Oil and Resources in Xinjiang
Xinjiang contains about 40 percent of China’s coal, a fifth of its oil and natural gas. There are large deposits of gold, uranium salt and other minerals. The Junggar Basin in northern Xinjiang contains the largest coal reserves in China, with more 300 billion tons of ore.
The oil fields in the Tarim Basin and Taklimakan desert in Xinjiang Province are large but are also among the most remote in the world and expensive to develop. By some estimates they contain at least 74 billion barrels of oil— three times the proven reserves of the U.S. and one third of the proven reserves of Saudi Arabia. To get to the fields Chinese trucks are transported across the dunes by huge American-built trucks with colossal tires on roads made with sand-stabilizing plastic and tons of gravel brought in by yet more trucks. Reeds planted in nets are used to keep the dunes from covering the road.
Much of the oil lies in fields around Koral, in north-central Xinjiang, a so-called “instantaneous city” that has sprung up over night and filled with trading companies, shopping malls, a large nightclub district, a new airport and a population largely made up of Han Chinese hoping to strike it rich. Between the mid 1990s and mid 2000s Koral grew from 100,000 residents to 420,000 residents and is growing by 20 percent a year. Most of the jobs are going to Han Chinese not local Uyghurs and Kazakhs.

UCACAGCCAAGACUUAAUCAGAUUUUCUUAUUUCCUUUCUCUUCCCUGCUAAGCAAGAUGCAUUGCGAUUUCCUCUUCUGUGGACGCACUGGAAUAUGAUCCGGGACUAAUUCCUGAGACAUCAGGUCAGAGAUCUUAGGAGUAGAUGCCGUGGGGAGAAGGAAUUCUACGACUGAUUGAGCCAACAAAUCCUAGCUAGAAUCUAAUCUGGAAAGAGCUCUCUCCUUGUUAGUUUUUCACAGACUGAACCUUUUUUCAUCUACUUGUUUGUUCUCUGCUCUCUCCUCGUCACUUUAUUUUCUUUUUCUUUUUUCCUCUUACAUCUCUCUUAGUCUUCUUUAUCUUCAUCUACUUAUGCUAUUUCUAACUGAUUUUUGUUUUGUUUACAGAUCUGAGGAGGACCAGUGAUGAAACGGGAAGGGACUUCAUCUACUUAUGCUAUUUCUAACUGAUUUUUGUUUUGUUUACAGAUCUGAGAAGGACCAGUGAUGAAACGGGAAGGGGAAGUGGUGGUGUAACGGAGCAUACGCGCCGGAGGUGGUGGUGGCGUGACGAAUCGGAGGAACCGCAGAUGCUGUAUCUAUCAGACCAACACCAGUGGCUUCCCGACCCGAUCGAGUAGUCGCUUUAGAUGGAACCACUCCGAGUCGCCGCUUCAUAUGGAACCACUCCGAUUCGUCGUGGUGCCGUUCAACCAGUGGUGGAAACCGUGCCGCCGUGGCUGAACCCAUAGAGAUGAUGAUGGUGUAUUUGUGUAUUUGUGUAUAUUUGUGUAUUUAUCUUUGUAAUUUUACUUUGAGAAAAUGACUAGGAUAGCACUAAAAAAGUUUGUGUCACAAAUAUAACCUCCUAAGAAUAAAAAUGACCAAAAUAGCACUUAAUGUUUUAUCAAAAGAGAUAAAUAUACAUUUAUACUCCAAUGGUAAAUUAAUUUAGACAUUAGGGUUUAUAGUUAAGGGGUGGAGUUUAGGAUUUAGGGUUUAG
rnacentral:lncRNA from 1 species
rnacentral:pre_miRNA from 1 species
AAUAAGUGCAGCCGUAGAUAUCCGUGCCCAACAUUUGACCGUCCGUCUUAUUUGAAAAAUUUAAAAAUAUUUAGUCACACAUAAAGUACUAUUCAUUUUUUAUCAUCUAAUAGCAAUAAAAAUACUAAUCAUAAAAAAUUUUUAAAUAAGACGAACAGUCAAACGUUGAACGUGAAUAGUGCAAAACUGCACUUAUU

Many are now skeptical about the oil and gas potential of the region. Claims that the Taklamakan Desert and Tarim Basin contains as much oil as the United States appear to be overstated. Many of the deposits are more than 5,000 meters below the surface and are very expensive to harvest.
Several hundred successful wells have been sunk at Tarim No. 4 Field, where workers labor every day in temperatures that reach 104̊F in the summer and drop to -22̊F in the winter. A worker at the field told National Geographic, "There are sandstorms. You can't see farther than one meter. then the cars stop, and the exploration stops. But the drilling always goes on." The oil men here refer to themselves as China's "soldiers of oil."
More than 60 companies from 16 countries shave expressed interest in developing oil in the Tarim basin. In December 1993, Exxon and a Japanese-Indonesian venture won the right to explore the first block. Texaco, Japan petroleum and Elf Aquitaine won the right to search in the second block.